ADESA Inc. is ready to grow now that it is spun off from ALLETE Inc., company executives told Automotive News.
Cameron Hitchcock, CFO of ADESA Inc., says the auto auction company could not expand when it was a subsidiary of ALLETE because ADESA could not invest in its own initiatives.
ALLETE owns water, electric and real estate companies. It competed with ADESA for capital and management attention.
As a separate company, ADESA can expand its auction sites and acquire others, Hitchcock told Arlena Sawyers of Automotive News.
In October 2003, ALLETE announced that it was spinning off its automotive holdings to form a separate company. The separation of ADESA took effect last month.
Jim Hallett, president of ADESA Corp., says the subsidiary is adding four lanes at its Manville, N.J., auction.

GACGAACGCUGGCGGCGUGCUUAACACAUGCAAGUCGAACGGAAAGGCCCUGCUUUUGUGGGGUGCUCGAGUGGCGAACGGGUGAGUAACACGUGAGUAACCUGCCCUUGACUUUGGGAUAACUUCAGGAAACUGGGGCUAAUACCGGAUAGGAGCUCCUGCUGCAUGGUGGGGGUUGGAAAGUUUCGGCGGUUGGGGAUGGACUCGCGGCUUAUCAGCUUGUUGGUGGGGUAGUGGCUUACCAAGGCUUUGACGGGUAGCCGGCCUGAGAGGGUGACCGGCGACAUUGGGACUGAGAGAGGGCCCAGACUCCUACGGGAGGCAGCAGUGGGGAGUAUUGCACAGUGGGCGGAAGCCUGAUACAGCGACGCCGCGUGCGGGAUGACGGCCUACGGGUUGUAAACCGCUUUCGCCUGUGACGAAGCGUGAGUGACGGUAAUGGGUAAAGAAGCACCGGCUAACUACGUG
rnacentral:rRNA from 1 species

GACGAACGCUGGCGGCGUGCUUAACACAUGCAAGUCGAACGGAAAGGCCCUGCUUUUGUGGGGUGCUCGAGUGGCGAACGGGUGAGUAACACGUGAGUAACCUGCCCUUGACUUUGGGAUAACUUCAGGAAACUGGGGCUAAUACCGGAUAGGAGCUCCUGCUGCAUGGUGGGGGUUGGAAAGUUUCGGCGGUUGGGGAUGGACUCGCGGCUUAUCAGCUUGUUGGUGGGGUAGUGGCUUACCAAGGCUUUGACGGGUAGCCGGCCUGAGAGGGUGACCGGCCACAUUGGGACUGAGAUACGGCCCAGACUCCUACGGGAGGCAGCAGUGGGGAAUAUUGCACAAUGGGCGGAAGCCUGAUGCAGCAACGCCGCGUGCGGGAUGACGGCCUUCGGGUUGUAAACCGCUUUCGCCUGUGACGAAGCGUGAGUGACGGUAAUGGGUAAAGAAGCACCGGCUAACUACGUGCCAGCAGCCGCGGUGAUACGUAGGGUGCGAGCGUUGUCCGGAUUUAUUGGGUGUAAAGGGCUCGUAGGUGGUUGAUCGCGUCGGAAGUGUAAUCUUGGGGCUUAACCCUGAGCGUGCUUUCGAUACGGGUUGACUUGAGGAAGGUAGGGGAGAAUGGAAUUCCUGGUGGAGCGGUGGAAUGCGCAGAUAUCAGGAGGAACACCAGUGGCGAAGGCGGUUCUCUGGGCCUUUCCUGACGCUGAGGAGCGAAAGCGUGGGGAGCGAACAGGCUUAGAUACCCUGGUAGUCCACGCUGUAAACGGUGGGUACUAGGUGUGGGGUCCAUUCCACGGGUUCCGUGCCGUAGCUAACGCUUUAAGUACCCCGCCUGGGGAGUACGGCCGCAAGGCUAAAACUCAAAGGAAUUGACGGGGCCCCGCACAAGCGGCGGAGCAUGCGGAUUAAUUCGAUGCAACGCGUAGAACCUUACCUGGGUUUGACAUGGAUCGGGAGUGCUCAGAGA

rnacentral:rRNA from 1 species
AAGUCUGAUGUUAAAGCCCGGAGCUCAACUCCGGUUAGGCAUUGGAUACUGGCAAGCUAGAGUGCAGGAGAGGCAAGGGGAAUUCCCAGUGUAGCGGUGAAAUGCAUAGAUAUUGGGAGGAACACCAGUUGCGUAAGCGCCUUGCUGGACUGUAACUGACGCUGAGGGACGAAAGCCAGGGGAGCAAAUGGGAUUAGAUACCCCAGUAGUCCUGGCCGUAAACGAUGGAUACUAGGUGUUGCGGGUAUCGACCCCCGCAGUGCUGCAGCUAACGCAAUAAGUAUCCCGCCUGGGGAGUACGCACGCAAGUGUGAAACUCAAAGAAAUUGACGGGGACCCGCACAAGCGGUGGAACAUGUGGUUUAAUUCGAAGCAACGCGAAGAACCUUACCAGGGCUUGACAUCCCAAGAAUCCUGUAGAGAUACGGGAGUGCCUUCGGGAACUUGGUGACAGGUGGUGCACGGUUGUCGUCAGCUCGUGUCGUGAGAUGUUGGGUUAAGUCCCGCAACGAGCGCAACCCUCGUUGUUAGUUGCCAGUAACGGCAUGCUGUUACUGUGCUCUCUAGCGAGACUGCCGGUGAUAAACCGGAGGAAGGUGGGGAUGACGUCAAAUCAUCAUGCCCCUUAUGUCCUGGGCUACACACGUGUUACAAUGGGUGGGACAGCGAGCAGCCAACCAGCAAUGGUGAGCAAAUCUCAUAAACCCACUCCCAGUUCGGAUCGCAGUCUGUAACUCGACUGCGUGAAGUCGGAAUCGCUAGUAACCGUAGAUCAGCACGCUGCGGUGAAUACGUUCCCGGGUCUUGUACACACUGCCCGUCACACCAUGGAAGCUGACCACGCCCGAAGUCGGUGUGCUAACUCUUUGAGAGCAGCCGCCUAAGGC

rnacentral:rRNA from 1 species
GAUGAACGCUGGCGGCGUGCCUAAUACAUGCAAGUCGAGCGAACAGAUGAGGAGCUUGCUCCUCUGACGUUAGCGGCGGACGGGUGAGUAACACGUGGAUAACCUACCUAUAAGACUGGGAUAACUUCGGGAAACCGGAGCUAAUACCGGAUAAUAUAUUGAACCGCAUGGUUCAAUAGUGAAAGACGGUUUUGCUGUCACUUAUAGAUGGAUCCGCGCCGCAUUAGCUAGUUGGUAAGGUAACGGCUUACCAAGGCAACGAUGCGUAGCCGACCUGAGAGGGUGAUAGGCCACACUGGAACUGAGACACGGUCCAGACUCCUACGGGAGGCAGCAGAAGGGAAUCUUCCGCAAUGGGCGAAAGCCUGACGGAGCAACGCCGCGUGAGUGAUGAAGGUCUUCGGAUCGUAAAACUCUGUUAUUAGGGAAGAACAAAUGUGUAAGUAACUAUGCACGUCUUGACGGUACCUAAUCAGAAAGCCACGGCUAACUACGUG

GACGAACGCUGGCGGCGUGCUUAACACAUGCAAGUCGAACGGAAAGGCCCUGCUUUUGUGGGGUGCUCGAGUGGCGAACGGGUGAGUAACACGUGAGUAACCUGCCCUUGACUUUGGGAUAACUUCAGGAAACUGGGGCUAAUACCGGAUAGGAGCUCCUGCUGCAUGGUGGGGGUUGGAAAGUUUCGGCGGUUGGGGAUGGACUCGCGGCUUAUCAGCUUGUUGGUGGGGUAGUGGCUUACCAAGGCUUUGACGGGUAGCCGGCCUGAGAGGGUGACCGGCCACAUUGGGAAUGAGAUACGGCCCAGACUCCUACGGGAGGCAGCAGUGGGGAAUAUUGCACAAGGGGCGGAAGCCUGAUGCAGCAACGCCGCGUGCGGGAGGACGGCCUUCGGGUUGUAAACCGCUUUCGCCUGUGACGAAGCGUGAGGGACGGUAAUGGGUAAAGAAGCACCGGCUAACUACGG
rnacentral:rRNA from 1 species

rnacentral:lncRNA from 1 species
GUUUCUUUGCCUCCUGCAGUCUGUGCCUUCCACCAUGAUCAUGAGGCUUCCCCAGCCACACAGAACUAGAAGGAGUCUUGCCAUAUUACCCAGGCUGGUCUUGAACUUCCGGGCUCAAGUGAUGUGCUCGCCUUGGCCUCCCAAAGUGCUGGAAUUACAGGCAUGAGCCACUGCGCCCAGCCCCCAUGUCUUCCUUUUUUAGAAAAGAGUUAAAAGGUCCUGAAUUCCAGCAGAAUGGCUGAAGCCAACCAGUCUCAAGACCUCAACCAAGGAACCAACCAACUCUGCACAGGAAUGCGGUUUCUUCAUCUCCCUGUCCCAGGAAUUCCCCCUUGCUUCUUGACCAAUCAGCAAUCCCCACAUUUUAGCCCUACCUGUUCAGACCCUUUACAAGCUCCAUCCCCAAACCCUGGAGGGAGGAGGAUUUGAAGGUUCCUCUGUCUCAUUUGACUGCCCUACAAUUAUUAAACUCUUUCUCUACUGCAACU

ADESA Corp.'s site in Montreal also is slated for expansion, and two other expansion projects are being considered, he said.
ADESA Corp. is working with Toyota Financial Services to enable dealers to buy used vehicles from one another over the Internet. A pilot program began Sept. 1 among Toyota and Lexus dealers in California. The program will be available nationwide by Nov. 15.
Chuck Tapp, ADESA Corp.'s executive vice president of sales and marketing, said the initiative will allow the company to refine its Internet sales tool called "Live Block." That program enables dealers to participate in live auctions by computer.
Live Block began in summer 2003. By July 2004 it was installed in more than 90 percent of ADESA Corp.'s auction lanes that serve sellers of commercial vehicles.
Tapp says that customers who bid by computer buy about 6 percent of the vehicles sold in those lanes.